ECON4951 – Economic History and Inequality
This course covers central topics in the global economic history since 1500. The topics are chosen from the comparative history of the development of nations. The course emphasizes the dynamic process of historical change. The method is in part applied economics with a critical attitude towards timeless explanations of the wealth of nations.
The list of questions includes: Why and how has the world become increasingly unequal? Why did some countries industrialize before others? What was the role of income distribution, endowments and political institutions for economic progress? What role did high wages play to induce change? Why was it Europeans who conquered the world? How was the Americas incorporated into the global economy? Why has Africa remained the poorest region in the world?
This course addresses these and other similar questions using simple tools and by contrasting them to contemporary and modern economic theories for understanding the role of economic incentives, inequality and institutions for economic and social development.
Students who complete this course will be able to:
- Identify the main factors and stages of global economic development after 1500.
- To explain theories connecting economic growth, inequality and institutions.
- To understand how economic principles can explain global patterns of industrialization and the integration of the global economy.
- To discuss the relationships between economic growth, standards of living and inequality.
Students admitted to study programmes at UiO must each semester register which courses and exams they wish to sign up for in Studentweb.
Students not admitted to the Master’s programme in Economics or the Master’s programme in Economic Theory and Econometrics (Samfunnsøkonomisk analyse), can apply for admission to one of our study programmes, or apply for guest student status.
Formal prerequisite knowledge
You must fulfill one of these prerequisites:
10 credits overlap with ECON2951 – Economic History and Inequality
If you have passed the exam in ECON2951, you cannot take the course ECON4951 as part of your Master degree.
Lectures and seminars.
The course is structured around lectures and seminar discussions. The lectures provide a broad overview over the topics both for students who take the course for the bachelor degree and for students who take the course for the master degree. There will be separate seminars for the two groups of students. The basic goal for both seminar series is to help students understand how one can bridge the gap between economics and economic history.
The master seminars for ECON4951 offer a possibility to specialize in a few listed topics or periods. Students are expected to explore the historical processes more in depth and, when feasible, to use statistical and economic methods more than the lectures. Each seminar centers on a critical discussion of material prepared by students. Parts of the seminars discuss how to write an essay and how to acquire further skills in economic history.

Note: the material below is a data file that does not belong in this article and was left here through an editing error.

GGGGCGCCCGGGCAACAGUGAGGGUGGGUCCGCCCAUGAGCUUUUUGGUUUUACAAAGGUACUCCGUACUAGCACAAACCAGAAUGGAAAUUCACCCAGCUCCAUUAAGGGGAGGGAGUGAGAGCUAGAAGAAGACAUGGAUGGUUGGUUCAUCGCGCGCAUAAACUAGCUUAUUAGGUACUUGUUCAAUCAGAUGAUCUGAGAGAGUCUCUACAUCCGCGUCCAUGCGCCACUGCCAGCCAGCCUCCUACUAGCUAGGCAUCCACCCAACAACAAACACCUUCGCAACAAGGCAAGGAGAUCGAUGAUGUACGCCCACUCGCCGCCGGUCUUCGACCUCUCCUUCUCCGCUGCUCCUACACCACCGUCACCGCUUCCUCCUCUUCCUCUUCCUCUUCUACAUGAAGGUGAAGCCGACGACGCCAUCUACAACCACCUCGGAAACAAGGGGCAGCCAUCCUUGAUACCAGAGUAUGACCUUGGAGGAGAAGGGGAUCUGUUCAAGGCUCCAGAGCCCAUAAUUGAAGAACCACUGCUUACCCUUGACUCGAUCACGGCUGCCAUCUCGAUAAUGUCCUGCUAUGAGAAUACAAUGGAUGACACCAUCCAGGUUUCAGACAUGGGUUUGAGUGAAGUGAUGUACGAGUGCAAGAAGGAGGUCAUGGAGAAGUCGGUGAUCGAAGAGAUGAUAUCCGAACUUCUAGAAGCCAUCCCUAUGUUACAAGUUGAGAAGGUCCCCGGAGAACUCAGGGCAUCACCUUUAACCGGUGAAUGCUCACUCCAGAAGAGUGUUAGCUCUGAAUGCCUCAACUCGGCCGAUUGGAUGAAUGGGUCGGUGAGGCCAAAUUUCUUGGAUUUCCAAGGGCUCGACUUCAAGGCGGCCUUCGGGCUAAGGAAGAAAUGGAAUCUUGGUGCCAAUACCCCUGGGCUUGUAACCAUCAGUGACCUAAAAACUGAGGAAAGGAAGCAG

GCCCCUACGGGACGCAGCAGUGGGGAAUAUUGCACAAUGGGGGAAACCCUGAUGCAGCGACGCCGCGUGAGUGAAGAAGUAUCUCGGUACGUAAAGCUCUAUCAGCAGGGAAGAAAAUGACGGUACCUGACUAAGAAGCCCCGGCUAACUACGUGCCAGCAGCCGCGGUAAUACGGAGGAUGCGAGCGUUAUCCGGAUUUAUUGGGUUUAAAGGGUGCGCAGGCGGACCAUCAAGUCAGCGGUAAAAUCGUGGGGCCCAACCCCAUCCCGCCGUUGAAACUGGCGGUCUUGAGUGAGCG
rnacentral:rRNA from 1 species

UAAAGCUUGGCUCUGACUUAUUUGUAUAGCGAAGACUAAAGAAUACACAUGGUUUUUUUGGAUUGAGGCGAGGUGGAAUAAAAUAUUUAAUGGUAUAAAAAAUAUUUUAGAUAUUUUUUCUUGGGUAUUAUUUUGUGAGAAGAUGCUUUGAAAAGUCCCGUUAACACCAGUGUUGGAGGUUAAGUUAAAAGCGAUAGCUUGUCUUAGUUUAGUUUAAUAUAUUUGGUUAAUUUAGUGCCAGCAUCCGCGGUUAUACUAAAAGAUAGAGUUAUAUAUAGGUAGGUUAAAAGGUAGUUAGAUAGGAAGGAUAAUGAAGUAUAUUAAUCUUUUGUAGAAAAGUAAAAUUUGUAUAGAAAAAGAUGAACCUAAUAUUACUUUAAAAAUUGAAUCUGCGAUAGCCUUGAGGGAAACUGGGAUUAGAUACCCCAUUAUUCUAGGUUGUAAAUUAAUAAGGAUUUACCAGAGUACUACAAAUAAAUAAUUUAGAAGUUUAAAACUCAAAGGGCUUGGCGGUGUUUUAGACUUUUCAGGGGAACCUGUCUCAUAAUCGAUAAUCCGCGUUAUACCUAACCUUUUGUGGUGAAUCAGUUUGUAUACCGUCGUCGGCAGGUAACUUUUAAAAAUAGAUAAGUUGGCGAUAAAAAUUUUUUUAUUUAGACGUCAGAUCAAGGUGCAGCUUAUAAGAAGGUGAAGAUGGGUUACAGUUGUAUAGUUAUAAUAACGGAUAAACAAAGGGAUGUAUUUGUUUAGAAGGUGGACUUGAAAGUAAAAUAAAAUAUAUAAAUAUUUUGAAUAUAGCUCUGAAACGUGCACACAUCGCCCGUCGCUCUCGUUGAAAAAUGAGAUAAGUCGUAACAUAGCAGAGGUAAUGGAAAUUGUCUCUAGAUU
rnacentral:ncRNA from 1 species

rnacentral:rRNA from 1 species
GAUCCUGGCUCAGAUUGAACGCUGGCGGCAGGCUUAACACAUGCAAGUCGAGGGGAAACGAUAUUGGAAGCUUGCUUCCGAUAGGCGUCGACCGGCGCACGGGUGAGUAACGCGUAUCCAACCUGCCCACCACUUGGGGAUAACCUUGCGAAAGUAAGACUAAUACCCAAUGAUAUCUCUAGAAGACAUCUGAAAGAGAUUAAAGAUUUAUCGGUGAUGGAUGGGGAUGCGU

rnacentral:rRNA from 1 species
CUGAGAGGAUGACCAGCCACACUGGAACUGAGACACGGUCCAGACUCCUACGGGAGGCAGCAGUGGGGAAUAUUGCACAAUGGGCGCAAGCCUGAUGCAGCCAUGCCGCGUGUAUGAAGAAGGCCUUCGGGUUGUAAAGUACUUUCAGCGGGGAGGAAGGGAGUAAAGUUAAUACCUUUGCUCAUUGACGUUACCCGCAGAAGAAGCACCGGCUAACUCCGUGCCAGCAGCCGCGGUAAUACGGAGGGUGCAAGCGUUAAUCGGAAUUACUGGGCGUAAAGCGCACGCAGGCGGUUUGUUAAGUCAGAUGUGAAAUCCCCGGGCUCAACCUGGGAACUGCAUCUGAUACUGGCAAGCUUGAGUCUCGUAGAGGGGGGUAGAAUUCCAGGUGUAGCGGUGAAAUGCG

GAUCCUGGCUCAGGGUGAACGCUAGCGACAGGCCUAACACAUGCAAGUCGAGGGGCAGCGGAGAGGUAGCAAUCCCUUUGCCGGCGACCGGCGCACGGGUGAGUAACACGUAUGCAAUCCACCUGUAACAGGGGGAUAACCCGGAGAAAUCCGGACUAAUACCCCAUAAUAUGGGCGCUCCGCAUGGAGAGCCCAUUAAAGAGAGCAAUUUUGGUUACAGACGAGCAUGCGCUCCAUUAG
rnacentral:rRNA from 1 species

The examination consists of a take home exam over five days, and an oral exam. The take home exam may be built on the student’s specialization. Both the written assignment and the oral exam will together determine your grade in ECON4951. You will receive your grade after the oral exam.
You will have about five days to write and deliver your exam paper.
The take home exam will not be the same as in ECON2951.
The oral exam will be held during week 50. Each candidate will have 15 minutes with the comittee.
The purpose of the examination is threefold:
- to confirm that students indeed wrote the home exam themselves
- to investigate students' understanding of the topic
Thus, the questions that will be posed during the oral examination will be linked to the home exam paper and will inquire about the relevant knowledge, skills and competencies of the student.
Immediately after the oral examination, the committee will set the final grade. Students are then notified and given a short explanation.The grade will be based on the home exam paper, and will also take account of the performance at the oral examination.
Submit assignments in Inspera
You submit your assignment in the digital examination system Inspera. Read about how to submit your assignment.
Use of sources and citation
Examination support material
All examination support material is allowed.
Language of examination
You may write your examination paper in Norwegian, Swedish, Danish or English.
Grades are awarded on a scale from A to F, where A is the best grade and F is a fail. Read more about the grading system.
Explanations and appeals
It is recommended to request an explanation of your grade before you decide to appeal.
The deadline to request an explanation is one week after the grade is published. For oral and practical examinations, the deadline is immediately after you have received your grade.
The explanation should normally be given within two weeks after you have asked for it. The examiner decides whether the explanation is to be given in writing or verbally.
Ask for explanation of your grade in this course (postponed exam)
Resit an examination
Special examination arrangements
Application form, deadline and requirements for special examination arrangements.